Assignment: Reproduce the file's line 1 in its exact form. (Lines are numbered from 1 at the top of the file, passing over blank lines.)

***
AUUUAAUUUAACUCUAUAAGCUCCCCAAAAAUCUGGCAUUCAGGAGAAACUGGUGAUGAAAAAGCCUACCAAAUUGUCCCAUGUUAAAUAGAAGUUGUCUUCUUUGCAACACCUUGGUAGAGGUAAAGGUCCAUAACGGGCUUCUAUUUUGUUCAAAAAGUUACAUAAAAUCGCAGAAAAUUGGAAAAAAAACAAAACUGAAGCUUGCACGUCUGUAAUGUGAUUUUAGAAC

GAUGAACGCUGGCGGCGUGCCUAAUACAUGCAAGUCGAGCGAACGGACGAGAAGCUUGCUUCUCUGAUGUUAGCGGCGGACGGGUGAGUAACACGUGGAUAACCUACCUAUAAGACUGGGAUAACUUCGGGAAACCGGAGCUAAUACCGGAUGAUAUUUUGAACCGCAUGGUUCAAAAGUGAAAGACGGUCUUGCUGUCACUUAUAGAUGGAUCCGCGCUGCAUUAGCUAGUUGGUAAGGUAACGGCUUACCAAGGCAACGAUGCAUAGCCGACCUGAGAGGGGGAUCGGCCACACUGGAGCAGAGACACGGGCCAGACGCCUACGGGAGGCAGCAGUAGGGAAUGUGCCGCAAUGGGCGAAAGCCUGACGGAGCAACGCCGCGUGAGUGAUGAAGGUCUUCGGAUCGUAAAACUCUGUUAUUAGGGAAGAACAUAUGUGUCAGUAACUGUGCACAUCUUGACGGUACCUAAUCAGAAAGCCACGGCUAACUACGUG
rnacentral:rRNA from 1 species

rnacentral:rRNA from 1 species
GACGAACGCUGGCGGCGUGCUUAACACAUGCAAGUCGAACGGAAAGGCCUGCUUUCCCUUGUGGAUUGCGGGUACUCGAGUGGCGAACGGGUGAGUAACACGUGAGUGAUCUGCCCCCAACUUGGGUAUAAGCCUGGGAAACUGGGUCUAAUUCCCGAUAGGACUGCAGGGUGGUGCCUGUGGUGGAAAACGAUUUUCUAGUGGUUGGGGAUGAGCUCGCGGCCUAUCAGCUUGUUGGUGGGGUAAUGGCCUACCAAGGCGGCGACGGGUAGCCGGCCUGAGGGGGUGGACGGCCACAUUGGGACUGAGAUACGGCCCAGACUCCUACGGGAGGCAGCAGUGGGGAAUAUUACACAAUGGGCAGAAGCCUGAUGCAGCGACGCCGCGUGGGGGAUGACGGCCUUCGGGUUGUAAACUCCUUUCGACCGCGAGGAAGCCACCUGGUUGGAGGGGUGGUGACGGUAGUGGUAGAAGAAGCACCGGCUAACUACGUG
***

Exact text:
AUUUAAUUUAACUCUAUAAGCUCCCCAAAAAUCUGGCAUUCAGGAGAAACUGGUGAUGAAAAAGCCUACCAAAUUGUCCCAUGUUAAAUAGAAGUUGUCUUCUUUGCAACACCUUGGUAGAGGUAAAGGUCCAUAACGGGCUUCUAUUUUGUUCAAAAAGUUACAUAAAAUCGCAGAAAAUUGGAAAAAAAACAAAACUGAAGCUUGCACGUCUGUAAUGUGAUUUUAGAAC